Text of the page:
Compliance officers from the Natural Resources Access Regulator (NRAR) will be out systematically checking compliance with water take laws in the Muswellbrook area in the week beginning 9 September.
Called Campaign Dhirridhirri (a Gomeroi word for ‘message bird’ or willy wagtail), the operation aims to visit 50 properties over three days.
NRAR has selected properties to inspect by using satellite imagery, compliance history and water licence conditions.
Director Regional Water Regulation (East) Greg Abood said his officers would be looking to better understand how water users are complying with water laws and the levels of compliance in the area.
The campaign will also be used to promote and encourage an attitude of active compliance in water users.
“We expect that water users know the rules, know their licence conditions and comply with the water laws,” Mr Abood said.
“During our inspections we will be available to answer questions about the rules.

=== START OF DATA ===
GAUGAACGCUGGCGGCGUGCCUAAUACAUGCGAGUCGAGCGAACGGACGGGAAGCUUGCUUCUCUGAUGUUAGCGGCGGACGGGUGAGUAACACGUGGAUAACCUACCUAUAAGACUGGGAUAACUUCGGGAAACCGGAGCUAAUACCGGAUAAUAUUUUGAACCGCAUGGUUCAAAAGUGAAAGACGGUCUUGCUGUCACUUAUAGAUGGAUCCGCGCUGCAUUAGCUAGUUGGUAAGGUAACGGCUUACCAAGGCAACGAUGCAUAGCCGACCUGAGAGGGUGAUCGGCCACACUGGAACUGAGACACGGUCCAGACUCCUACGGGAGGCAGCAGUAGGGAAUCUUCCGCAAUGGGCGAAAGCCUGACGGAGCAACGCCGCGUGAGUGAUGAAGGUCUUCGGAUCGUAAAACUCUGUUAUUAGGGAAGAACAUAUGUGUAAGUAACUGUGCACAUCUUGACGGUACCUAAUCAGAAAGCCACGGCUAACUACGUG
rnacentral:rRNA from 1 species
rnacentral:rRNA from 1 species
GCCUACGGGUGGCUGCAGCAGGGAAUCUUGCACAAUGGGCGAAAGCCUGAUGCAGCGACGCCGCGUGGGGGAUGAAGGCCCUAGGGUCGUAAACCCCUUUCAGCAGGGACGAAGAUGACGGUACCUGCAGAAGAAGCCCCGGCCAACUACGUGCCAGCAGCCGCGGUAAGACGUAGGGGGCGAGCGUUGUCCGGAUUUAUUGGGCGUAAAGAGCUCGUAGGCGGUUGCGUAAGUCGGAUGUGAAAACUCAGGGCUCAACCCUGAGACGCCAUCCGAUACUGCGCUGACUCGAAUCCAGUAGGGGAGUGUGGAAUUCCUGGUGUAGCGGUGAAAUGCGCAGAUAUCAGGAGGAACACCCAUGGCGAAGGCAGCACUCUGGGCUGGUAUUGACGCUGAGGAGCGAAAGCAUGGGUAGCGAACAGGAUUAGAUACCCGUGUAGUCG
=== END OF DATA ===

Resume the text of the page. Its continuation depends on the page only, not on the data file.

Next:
“The campaign is to ensure there is a level playing field when it comes to compliance with the water laws.”
The campaign is the start of an ongoing routine monitoring program in the Hunter Rivers region, identified as one of NRAR’s top three regulatory priorities in the coastal region.
The NRAR Regulatory Priorities 2019-21 enables the regulator to focus activities on areas where there is high likelihood of non-compliance occurring, and where the impacts of non-compliance would be greater.
The NRAR’s investigators and compliance officers travel all over the state’s 57 water sharing plan areas, inspecting properties and assessing compliance with water users’ licences and the Water Management Act 2000.
To make a confidential report on suspected water misuse, go to the NRAR website at industry.nsw.gov.au/nrar and fill out a suspicious activity form.